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When you attend a meeting at work, you’ll occasionally need to host a presentation for your superiors, coworkers, or clients. Putting together and getting through a top-tier presentation lets you present important facts or conclusions, helps you provide value to your business, and may even impress your boss in more ways than one.
The only problem? Hosting an excellent presentation is much easier said than done! Read on for a breakdown of seven major presentation hacks you need to know before your next meeting. Following these presentation hacks will make you the master presenter at your workplace.
Keep It Simple
First and foremost, make sure that everything about your presentation is as simple and streamlined as possible. The more complex and difficult to understand your presentation is, the less likely it will stick in the minds of its viewers.
“Imagine that you want to make a presentation about this quarter’s marketing numbers,” says Bryan Jones, CEO of Truckbase. “You need to stress to executives that the company needs to change its marketing tactics in order to improve customer retention. Don’t get too far into the details or the nitty-gritty that the executives may not understand.”
Instead, focus on the most important conclusions or the details that are necessary for understanding. Use graphics and visual elements to sell your point. Above all else, make your presentation no longer than it must be.
“In a lot of workplace meetings, the ideal presentation is no longer than 10 minutes or so,” says Susan K. Shaffer, President of Pneuma Nitric Oxide. “While some presentations can be longer, going beyond 15 minutes runs the risk of boring your audience or taking up too much time for your coworkers or bosses.”
By keeping things simple, you:
- Make your presentation more memorable
- Reduce the likelihood that you’ll mess something up or misrepresent some information
- Allow time for other presentations and meetings, which is always beneficial to executives (and yourself!)
Not sure whether your presentation is acceptably simple? “Have someone view it before the big day arrives. If they are confused or find their attention wandering during the presentation, odds are you need to streamline or simplify it further,” says Brian Munce, Managing Director of Gestalt Brand Lab.
Remember, your presentation might seem simple and straightforward to you, but that’s because you know everything about the presentation’s content. Your presentation could seem impossibly obscure or complex to a layperson or your target viewers!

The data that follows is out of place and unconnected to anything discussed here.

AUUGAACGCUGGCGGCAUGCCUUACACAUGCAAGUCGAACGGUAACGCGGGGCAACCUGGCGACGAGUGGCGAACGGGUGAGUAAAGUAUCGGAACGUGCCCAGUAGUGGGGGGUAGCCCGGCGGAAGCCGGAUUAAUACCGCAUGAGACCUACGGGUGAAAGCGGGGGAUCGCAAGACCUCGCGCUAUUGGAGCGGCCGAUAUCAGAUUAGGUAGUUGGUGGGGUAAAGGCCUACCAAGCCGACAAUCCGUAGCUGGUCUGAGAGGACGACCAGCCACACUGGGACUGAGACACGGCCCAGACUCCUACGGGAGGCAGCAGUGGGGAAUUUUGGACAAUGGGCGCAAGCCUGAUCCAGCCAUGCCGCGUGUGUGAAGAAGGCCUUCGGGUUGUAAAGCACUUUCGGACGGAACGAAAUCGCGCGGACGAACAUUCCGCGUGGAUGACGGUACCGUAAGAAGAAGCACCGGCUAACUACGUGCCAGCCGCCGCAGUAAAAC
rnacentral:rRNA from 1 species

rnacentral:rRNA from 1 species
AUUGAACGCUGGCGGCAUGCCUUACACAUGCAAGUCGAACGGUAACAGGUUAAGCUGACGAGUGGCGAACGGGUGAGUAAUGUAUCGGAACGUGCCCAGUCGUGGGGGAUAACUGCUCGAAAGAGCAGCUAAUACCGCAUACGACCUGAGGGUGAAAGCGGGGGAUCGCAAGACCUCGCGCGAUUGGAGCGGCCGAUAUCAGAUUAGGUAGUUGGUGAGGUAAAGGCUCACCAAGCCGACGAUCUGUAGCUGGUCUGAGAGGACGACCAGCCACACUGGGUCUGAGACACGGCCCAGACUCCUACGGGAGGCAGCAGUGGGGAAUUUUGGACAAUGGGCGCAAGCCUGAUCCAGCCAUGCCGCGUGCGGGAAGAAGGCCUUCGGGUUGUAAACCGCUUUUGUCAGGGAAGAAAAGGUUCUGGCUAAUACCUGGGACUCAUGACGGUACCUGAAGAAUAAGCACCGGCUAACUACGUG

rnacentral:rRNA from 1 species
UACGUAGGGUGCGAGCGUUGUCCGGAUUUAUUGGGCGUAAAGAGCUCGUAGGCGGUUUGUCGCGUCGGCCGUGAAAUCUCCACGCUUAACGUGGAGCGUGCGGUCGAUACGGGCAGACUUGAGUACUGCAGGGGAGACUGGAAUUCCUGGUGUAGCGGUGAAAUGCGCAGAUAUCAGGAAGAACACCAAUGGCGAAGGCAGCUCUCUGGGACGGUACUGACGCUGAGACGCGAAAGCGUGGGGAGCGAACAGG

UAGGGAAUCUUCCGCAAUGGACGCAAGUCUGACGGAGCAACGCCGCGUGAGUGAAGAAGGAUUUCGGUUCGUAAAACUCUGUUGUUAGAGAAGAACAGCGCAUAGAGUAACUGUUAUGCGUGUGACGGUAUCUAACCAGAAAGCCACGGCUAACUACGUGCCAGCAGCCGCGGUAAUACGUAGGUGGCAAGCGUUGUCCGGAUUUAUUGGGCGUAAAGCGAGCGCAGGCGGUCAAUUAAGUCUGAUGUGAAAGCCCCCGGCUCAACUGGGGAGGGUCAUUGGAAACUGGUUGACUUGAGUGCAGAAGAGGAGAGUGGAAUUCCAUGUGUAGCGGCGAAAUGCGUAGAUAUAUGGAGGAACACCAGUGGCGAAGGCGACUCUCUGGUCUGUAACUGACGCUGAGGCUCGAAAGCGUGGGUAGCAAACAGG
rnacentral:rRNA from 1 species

Use Infographics Frequently
As touched on earlier, graphics and visual elements are important tools for any presentation. This is even more true for PowerPoint presentations and similar digital displays.
Regardless, infographics – which are visual elements like charts, graphs, and so on – are the best visual tools in your repertoire. Infographics are so advantageous because:
- They are very easy to see and understand if designed correctly
- They allow viewers to absorb and understand a lot of hard data quickly
- They can be used throughout a presentation without getting too boring
With this in mind, you should practice your infographic creation and make sure that each presentation has at least a few of them to reiterate your points or present data legibly. “Infographics are even more important if your presentation includes a lot of hard numbers; with infographics, you can present that data in an understandable format and have an easier time explaining your conclusions to your audience, a representative from Illumix.
If you’re not sure how to make infographics, rest assured you can find plenty of easy templates online. You can also make infographics using PowerPoint and similar tools. Brandon Adcock, Co-Founder and CEO of Nugenix says, “Just be sure to include references – if your infographics reference a lot of hard data, you need to have the studies, papers, or other hard references at the end of your presentation or easily accessible by infographic viewers.”
Connect Each Point to the Main Idea
Every point in your presentation must connect to the main thrust or idea. When creating a presentation, think about the “thesis” or primary idea behind the project. This can be a conclusion you’ve found from analyzing data, a decision you want the viewers to make, or something else entirely.
Once you have your main idea nailed down, connect each of the other slides or parts of your presentation to that main idea. In doing this:
- You’ll make your presentation seem more cohesive and well thought out
- You’ll keep the attention of your audience longer and more easily